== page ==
Life got busy. Children. Work. Robin and I, we were good at life’s administration. We were good at paying bills and making sure the kids got everything. We were good at making sure our house looked like it should, glossy and neat. It all worked like clockwork once we got the hang of it.
I do not know when I lost Petra. I remember thinking, one summer holiday in Greece, on a day so hot for once we could all only sit and be silent, that it must be OK; that Petra and I must have become one. I remember smiling to myself, because of course we had always been just one and it was crazy for me to keep thinking of my heart as a creature in her own right. A childish phase that I had somehow hung on to.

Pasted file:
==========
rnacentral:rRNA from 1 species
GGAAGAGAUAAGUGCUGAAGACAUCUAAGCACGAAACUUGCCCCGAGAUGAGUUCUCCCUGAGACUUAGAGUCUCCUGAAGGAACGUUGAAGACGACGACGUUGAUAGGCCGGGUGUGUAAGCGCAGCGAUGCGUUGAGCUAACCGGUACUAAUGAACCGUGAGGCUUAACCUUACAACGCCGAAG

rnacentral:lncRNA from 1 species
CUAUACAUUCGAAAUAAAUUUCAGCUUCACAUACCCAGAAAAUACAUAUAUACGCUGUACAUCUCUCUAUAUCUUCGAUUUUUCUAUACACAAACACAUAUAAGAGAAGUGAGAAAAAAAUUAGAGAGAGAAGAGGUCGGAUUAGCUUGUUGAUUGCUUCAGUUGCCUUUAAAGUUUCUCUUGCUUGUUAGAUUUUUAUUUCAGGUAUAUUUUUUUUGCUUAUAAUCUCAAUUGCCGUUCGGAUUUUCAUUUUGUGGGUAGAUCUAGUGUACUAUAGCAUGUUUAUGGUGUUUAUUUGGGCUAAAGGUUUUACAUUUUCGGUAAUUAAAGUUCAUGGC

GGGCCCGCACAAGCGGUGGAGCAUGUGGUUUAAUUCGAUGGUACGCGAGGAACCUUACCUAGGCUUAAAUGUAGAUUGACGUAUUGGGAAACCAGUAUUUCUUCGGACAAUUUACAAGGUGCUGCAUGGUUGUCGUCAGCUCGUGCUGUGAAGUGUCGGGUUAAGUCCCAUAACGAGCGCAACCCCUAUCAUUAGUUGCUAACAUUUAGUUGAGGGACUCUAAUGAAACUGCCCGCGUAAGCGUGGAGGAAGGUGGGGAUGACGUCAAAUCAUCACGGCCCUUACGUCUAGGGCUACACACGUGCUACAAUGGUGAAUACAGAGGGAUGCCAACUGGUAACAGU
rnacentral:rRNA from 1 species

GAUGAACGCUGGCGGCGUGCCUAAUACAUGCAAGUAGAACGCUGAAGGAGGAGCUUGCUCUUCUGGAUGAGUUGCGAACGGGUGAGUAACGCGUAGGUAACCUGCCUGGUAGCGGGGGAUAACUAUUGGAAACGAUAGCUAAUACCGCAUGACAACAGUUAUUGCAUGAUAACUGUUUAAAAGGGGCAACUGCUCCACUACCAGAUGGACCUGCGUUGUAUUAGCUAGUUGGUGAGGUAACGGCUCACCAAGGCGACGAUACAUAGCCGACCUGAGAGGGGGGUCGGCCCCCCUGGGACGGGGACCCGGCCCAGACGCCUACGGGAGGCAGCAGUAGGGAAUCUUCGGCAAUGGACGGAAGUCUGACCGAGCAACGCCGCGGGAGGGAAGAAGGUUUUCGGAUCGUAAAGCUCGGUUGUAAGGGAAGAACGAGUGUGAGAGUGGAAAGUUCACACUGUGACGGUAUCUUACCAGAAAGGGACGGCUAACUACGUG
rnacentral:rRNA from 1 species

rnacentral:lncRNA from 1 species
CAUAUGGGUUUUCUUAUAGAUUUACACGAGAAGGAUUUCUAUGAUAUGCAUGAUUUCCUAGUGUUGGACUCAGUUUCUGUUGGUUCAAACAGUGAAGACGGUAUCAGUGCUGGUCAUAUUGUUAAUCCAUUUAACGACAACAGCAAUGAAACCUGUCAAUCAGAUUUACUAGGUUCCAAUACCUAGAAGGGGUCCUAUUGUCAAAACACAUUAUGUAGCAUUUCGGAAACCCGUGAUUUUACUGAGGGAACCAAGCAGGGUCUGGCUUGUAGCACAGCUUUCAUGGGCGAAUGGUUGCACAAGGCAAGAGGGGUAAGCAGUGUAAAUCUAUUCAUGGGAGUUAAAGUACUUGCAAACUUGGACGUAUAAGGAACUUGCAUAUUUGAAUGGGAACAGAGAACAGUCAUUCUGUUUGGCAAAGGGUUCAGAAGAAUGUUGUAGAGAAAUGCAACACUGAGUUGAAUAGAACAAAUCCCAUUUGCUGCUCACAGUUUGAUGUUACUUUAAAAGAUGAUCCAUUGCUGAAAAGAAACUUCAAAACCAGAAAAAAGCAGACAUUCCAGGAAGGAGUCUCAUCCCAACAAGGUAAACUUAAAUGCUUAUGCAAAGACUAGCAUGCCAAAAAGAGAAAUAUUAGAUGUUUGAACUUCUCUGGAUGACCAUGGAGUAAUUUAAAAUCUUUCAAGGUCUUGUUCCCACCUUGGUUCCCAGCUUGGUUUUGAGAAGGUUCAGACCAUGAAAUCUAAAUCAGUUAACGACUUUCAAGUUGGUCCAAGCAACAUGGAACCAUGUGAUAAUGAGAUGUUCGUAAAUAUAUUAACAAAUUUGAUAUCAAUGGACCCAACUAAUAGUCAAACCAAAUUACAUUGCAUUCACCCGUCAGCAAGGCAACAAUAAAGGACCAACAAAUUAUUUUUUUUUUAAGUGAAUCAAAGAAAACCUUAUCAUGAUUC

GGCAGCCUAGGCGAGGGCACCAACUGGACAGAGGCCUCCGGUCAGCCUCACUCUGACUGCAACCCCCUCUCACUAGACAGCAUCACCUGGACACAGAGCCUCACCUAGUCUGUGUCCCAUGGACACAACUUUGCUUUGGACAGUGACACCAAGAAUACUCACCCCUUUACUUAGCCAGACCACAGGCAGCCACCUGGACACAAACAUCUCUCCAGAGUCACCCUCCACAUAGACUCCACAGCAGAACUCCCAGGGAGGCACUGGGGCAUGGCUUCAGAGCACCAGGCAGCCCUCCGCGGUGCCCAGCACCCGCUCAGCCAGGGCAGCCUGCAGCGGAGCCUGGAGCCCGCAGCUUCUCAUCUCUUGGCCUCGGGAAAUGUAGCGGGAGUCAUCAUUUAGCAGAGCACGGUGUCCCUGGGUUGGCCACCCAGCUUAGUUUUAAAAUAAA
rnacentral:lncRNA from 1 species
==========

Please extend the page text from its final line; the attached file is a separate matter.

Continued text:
“Now, Elizabeth. Just take one step at a time.” Trish could be encouraging a first day child into the playground. She has taken one of my hands and is looking at my feet intently. As if stepping off the shore is like stepping on to a thin, thin line and, if she is not careful, I might fall.
I am already falling. I think. I have been falling for years.
I take a step forward, up to my ankles.
The water is freezing. I gasp and something blasphemous is forced out between my lips.
Duncan grins. “Cold, isn’t it?” He backs into the lake. “I find it best to take a few steps before you can think about it.” He’s up to his knees, shins showing white through the water, knees above bright red.
Trish frowns at him. “At your own speed, dear.” She says to me. “There’s no rush.”